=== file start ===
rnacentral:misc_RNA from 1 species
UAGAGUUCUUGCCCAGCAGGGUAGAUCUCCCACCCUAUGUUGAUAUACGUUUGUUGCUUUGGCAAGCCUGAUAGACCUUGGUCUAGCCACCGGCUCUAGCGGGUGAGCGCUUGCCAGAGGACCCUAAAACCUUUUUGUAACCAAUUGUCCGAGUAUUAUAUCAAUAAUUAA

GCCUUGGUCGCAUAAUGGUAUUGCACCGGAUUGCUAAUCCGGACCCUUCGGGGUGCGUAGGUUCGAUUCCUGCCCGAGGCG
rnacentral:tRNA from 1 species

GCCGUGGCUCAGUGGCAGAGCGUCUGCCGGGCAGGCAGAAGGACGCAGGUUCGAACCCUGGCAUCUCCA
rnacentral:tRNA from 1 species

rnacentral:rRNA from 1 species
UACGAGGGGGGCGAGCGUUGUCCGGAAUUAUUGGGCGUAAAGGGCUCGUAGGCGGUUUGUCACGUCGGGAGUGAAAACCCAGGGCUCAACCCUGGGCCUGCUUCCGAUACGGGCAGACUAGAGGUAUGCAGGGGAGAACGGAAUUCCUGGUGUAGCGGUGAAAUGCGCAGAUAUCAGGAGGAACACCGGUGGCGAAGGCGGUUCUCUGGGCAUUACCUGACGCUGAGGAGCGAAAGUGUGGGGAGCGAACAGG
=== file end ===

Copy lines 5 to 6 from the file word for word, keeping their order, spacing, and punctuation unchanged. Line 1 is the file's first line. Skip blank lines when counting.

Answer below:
GCCGUGGCUCAGUGGCAGAGCGUCUGCCGGGCAGGCAGAAGGACGCAGGUUCGAACCCUGGCAUCUCCA
rnacentral:tRNA from 1 species